No one wants to be the person at work who falls for the phishing test sent by IT. You know the one: It's an urgent email that looks like it came from the CEO and wants you to click through to some important company update. You click, before noticing that something was just so slightly off in the sender's address.
Now you have to watch a 20-minute training video about email security in the workplace.
It happens to the best of employees. But security researchers have a few tips to safeguard yourself — and your data — from phishing campaigns. And as it turns out, scanning your inbox while in a bad mood could help you avoid falling for such a scam.
Phishing is the practice of sending fake emails from a supposedly reputable source with the intent of getting the user to divulge sensitive information like passwords and credit card numbers. And like all forms of technology, it's grown more sophisticated over the years. Psychology has begun to play a larger role.
"We are all susceptible to phishing because phishing tricks the way our brains make decisions, especially in regard to deception detection," Daniela Oliveira, a professor at the University of Florida, tells CNBC Make It. Oliveira, along with professor Natalie Ebner, researches interdisciplinary computer security and what makes certain segments of users more susceptible to cybersecurity threats. "The conclusion is that our ability to detect deception is influenced by interindividual differences in cognitive motivation, socioemotional functioning and neurobiology."
Essentially, phishers hope to trick the part of your brain that reacts quickly. It does so by targeting, as Oliveira and Ebner put it in their 2017 study on phishing, principles of influence. For example, phishers may try to mimic a person of authority (like your boss) knowing humans tend to comply with requests made by figures of authority. Or they could appeal to a scarcity principle: "Don't miss this once-in-a-lifetime opportunity!"
Phishers may have strategies to get your attention, but your own personality — and possibly mood — can play a role in how vulnerable you are to either falling for or resisting a scam.
For example, Oliveira says that people with higher levels of emotional intelligence tend to understand emotions better, both their own and others', making them better able to detect deception. People who scored lower in agreeableness as a personality trait were also better at spotting a scam.
Even so, there's a possibility that your day-to-day disposition can also play a role your gullibility.
"A positive mood tends to produce a more optimistic interpretation of social situations, which might reduce our levels of suspicion," Oliveira says. A negative mood, on the other hand, might trigger the part of the brain that processes information slower and more deliberately (as in, not the instant reaction phishers are hoping for).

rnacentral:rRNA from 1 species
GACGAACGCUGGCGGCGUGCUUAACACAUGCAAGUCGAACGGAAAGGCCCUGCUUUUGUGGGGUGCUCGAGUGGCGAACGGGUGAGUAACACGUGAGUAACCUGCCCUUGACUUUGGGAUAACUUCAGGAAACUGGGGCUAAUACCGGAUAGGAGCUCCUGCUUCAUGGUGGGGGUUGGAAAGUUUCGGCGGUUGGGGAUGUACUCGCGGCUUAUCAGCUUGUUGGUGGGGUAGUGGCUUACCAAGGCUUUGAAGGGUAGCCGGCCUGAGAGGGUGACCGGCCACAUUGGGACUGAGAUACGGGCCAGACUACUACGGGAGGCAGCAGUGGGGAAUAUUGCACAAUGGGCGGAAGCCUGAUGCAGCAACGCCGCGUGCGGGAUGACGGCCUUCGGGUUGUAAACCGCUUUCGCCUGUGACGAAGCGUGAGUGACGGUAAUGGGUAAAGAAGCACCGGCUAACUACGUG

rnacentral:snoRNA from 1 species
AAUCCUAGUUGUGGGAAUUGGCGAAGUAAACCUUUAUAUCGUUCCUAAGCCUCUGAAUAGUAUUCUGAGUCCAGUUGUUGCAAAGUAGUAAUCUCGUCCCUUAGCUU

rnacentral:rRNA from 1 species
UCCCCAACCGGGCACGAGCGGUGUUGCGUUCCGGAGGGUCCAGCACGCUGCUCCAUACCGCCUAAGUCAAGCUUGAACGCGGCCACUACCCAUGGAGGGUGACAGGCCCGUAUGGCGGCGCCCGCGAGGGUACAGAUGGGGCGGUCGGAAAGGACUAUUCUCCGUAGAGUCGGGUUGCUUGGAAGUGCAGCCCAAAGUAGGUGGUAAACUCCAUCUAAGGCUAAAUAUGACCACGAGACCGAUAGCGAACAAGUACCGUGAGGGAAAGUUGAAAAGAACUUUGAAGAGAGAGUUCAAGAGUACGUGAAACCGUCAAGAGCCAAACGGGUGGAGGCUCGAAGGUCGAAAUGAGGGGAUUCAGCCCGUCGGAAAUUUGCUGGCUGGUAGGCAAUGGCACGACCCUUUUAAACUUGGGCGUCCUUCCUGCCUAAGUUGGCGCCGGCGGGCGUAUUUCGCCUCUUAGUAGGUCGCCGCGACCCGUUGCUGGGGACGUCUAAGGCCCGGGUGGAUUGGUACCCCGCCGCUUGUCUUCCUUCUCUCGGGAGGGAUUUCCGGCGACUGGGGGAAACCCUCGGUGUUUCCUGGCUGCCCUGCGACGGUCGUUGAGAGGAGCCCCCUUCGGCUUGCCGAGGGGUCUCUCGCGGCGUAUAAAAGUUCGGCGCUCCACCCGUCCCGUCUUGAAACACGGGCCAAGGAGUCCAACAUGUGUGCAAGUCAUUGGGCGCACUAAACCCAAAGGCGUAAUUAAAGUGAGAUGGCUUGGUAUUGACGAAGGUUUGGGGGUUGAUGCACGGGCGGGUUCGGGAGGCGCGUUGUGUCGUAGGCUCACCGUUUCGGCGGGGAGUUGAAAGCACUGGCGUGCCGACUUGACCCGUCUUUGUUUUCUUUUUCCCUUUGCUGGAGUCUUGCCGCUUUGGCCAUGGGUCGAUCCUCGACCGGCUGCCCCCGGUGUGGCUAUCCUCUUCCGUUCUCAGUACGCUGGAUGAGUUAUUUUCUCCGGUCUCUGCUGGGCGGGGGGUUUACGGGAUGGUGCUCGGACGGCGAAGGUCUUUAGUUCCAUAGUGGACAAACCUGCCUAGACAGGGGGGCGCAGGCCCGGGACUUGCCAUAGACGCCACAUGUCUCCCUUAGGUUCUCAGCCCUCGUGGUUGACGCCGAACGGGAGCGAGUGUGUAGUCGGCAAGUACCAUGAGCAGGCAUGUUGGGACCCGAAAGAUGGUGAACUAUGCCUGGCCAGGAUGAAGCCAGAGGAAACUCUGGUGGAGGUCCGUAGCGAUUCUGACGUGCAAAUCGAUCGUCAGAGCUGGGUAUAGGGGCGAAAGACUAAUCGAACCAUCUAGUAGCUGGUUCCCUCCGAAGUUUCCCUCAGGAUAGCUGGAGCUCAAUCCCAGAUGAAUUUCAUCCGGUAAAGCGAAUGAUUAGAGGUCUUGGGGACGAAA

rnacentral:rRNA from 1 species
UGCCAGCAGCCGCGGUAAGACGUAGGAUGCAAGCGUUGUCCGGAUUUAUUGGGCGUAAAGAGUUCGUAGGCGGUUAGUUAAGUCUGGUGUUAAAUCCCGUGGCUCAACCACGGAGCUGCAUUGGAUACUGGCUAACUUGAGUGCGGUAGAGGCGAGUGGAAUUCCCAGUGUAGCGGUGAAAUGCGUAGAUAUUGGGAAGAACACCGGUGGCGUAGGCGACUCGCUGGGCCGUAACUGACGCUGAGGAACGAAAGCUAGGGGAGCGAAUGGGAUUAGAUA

And as for neurobiology, hormones can influence our risk-taking behavior. "Individuals with high levels of steroid hormones — testosterone or estrogen — tend to take greater risks, which might leave them more vulnerable to deception," Oliveira says. "Oxytocin, also called the social hormone, has been shown to decrease deception detection accuracy. Increased levels of dopamine in the brain bring forth impulsive and risk-taking behaviors under uncertainty, which leaves them more vulnerable to deception.
"On the other hand, increased levels of cortisol, the stress hormone, is associated with decreased risk-taking behavior," she adds. "Nobody here is saying that being in a bad mood or stressed out is good, but it all seems to reinforce the idea that you need to be more vigilant when in a good mood or when relaxed."
You might be thinking, "But I can spot an email scam a mile away — there are typos everywhere!" That's no longer always the case, especially as phishers become more targeted in their methods. So in addition to having a heightened awareness of potential cybersecurity threats, other tools can help keep your information safe.
Citing Oliveira and Ebner's research, Google security researcher Elie Bursztein recommends using two-factor authentication to protect your data. Looking into the 100 million phishing emails Google blocks every day, two methods stand out: Opt in to receive a text with a security code to log into accounts, or use an authentication app like Google Authenticator, LastPass or 1Password.
This awareness is crucial whether you're logged into your own or your work email. According to the data, Google-hosted corporate accounts were 4.8 times more likely to receive phishing emails than personal Gmail accounts. And scammers take many shapes — phishers are most likely to impersonate email providers (42%), cloud services (25%), financial institutions (13%), e-commerce (5%) and delivery companies (3.9%).
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